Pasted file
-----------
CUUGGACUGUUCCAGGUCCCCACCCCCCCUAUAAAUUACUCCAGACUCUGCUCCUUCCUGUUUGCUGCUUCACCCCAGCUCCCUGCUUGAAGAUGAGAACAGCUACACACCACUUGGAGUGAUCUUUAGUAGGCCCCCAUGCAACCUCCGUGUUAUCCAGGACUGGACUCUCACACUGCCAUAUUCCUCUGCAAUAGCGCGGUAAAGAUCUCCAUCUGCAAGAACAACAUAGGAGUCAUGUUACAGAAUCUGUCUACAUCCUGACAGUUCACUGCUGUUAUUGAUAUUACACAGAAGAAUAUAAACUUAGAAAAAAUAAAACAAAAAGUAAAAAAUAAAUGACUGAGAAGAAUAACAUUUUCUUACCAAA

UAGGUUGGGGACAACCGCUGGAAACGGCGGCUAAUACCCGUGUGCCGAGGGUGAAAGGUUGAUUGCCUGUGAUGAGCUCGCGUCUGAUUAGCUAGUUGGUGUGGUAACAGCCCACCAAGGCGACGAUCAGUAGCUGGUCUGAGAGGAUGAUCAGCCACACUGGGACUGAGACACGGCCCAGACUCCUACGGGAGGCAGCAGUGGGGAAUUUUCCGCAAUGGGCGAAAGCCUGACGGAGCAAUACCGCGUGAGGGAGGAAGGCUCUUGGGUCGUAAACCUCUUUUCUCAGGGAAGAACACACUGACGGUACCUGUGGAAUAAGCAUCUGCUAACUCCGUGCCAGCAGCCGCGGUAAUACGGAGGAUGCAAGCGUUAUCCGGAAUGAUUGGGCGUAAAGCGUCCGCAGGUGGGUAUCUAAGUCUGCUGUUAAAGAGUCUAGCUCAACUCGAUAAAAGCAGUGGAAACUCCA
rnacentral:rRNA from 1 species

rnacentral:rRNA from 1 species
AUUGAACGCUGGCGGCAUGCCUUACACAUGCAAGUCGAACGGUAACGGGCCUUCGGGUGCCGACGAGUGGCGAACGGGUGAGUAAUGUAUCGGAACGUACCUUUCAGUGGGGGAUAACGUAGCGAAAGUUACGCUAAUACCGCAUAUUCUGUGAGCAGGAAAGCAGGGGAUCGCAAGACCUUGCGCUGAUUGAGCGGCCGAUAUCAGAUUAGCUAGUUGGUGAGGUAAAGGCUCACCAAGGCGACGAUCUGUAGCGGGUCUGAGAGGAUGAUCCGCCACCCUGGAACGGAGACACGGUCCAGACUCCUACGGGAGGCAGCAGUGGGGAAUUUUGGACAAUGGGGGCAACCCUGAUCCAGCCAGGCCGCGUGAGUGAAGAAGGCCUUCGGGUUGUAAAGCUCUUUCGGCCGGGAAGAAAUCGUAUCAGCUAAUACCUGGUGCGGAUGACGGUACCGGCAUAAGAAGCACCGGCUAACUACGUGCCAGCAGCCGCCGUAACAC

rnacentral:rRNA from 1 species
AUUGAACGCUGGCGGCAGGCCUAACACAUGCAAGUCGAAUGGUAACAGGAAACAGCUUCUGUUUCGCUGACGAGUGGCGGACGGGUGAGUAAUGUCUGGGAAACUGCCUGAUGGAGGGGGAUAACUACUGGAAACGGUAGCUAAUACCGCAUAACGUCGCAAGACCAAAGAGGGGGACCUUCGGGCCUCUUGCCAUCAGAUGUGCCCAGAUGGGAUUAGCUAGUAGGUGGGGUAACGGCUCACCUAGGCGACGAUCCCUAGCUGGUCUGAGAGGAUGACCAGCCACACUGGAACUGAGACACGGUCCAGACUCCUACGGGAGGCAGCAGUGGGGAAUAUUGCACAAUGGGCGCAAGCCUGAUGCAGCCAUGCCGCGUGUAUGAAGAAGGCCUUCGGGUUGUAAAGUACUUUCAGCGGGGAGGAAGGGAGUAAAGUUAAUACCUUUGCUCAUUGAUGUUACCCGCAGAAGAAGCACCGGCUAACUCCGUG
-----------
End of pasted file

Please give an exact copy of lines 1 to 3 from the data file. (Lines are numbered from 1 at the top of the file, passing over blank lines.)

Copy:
CUUGGACUGUUCCAGGUCCCCACCCCCCCUAUAAAUUACUCCAGACUCUGCUCCUUCCUGUUUGCUGCUUCACCCCAGCUCCCUGCUUGAAGAUGAGAACAGCUACACACCACUUGGAGUGAUCUUUAGUAGGCCCCCAUGCAACCUCCGUGUUAUCCAGGACUGGACUCUCACACUGCCAUAUUCCUCUGCAAUAGCGCGGUAAAGAUCUCCAUCUGCAAGAACAACAUAGGAGUCAUGUUACAGAAUCUGUCUACAUCCUGACAGUUCACUGCUGUUAUUGAUAUUACACAGAAGAAUAUAAACUUAGAAAAAAUAAAACAAAAAGUAAAAAAUAAAUGACUGAGAAGAAUAACAUUUUCUUACCAAA

UAGGUUGGGGACAACCGCUGGAAACGGCGGCUAAUACCCGUGUGCCGAGGGUGAAAGGUUGAUUGCCUGUGAUGAGCUCGCGUCUGAUUAGCUAGUUGGUGUGGUAACAGCCCACCAAGGCGACGAUCAGUAGCUGGUCUGAGAGGAUGAUCAGCCACACUGGGACUGAGACACGGCCCAGACUCCUACGGGAGGCAGCAGUGGGGAAUUUUCCGCAAUGGGCGAAAGCCUGACGGAGCAAUACCGCGUGAGGGAGGAAGGCUCUUGGGUCGUAAACCUCUUUUCUCAGGGAAGAACACACUGACGGUACCUGUGGAAUAAGCAUCUGCUAACUCCGUGCCAGCAGCCGCGGUAAUACGGAGGAUGCAAGCGUUAUCCGGAAUGAUUGGGCGUAAAGCGUCCGCAGGUGGGUAUCUAAGUCUGCUGUUAAAGAGUCUAGCUCAACUCGAUAAAAGCAGUGGAAACUCCA
rnacentral:rRNA from 1 species